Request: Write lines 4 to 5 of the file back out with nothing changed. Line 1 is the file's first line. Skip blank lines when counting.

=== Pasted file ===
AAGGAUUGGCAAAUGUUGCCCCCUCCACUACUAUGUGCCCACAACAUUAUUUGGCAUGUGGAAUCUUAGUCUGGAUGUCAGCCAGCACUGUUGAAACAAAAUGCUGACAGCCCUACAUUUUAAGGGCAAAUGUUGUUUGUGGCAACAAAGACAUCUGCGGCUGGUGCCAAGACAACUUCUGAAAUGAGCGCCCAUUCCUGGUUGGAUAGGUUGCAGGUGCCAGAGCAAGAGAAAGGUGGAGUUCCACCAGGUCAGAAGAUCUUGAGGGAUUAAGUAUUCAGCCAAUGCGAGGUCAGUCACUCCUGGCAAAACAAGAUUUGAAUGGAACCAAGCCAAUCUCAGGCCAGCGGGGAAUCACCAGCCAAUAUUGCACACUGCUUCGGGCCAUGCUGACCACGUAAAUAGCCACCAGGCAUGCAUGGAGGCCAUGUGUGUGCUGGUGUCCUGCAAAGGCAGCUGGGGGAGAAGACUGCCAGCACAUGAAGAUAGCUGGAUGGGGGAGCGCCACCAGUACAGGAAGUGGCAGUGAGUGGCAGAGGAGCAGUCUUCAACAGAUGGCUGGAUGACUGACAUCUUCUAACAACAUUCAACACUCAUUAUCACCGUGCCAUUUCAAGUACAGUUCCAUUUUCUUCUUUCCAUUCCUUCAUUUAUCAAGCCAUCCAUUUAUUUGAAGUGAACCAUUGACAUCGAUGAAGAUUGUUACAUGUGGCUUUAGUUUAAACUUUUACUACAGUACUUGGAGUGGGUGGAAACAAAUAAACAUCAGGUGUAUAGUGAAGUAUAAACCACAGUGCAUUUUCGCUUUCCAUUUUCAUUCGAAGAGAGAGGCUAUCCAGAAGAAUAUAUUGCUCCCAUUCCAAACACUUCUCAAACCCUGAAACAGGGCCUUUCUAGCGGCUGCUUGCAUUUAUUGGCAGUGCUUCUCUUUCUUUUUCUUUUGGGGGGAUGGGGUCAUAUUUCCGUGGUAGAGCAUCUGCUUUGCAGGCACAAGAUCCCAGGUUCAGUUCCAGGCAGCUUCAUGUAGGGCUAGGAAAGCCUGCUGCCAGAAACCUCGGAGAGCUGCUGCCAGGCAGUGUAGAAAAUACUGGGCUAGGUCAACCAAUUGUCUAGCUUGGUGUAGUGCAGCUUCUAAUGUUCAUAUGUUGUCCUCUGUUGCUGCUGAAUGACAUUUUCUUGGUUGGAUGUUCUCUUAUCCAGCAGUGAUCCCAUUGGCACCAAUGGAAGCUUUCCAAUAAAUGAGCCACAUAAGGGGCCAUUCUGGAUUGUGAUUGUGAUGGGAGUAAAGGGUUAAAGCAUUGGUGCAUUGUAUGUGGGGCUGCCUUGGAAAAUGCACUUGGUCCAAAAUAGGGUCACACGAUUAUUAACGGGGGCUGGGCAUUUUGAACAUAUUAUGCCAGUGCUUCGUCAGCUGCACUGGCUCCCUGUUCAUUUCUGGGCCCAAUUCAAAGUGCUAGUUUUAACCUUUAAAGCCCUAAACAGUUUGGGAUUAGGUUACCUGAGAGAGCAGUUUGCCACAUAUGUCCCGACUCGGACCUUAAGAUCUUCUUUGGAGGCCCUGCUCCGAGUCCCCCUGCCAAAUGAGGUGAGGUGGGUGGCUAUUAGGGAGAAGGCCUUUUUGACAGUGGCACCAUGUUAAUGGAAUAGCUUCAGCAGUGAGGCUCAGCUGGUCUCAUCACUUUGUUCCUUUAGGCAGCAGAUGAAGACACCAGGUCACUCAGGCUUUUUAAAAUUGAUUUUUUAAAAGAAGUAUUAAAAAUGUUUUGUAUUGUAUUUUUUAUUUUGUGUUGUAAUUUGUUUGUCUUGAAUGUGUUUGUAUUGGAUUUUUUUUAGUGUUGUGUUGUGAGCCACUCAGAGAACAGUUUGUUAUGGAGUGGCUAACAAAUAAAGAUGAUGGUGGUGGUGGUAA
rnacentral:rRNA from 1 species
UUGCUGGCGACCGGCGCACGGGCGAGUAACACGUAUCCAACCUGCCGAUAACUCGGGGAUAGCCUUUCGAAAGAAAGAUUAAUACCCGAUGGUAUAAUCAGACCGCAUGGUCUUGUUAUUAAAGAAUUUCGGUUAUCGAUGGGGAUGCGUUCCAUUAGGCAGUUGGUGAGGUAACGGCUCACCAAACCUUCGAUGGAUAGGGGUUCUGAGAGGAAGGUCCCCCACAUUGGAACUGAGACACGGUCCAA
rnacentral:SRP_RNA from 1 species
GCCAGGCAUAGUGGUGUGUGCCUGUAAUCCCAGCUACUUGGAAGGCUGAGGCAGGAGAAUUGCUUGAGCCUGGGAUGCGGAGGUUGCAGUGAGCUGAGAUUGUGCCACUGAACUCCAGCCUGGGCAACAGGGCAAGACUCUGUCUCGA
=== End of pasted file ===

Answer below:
rnacentral:SRP_RNA from 1 species
GCCAGGCAUAGUGGUGUGUGCCUGUAAUCCCAGCUACUUGGAAGGCUGAGGCAGGAGAAUUGCUUGAGCCUGGGAUGCGGAGGUUGCAGUGAGCUGAGAUUGUGCCACUGAACUCCAGCCUGGGCAACAGGGCAAGACUCUGUCUCGA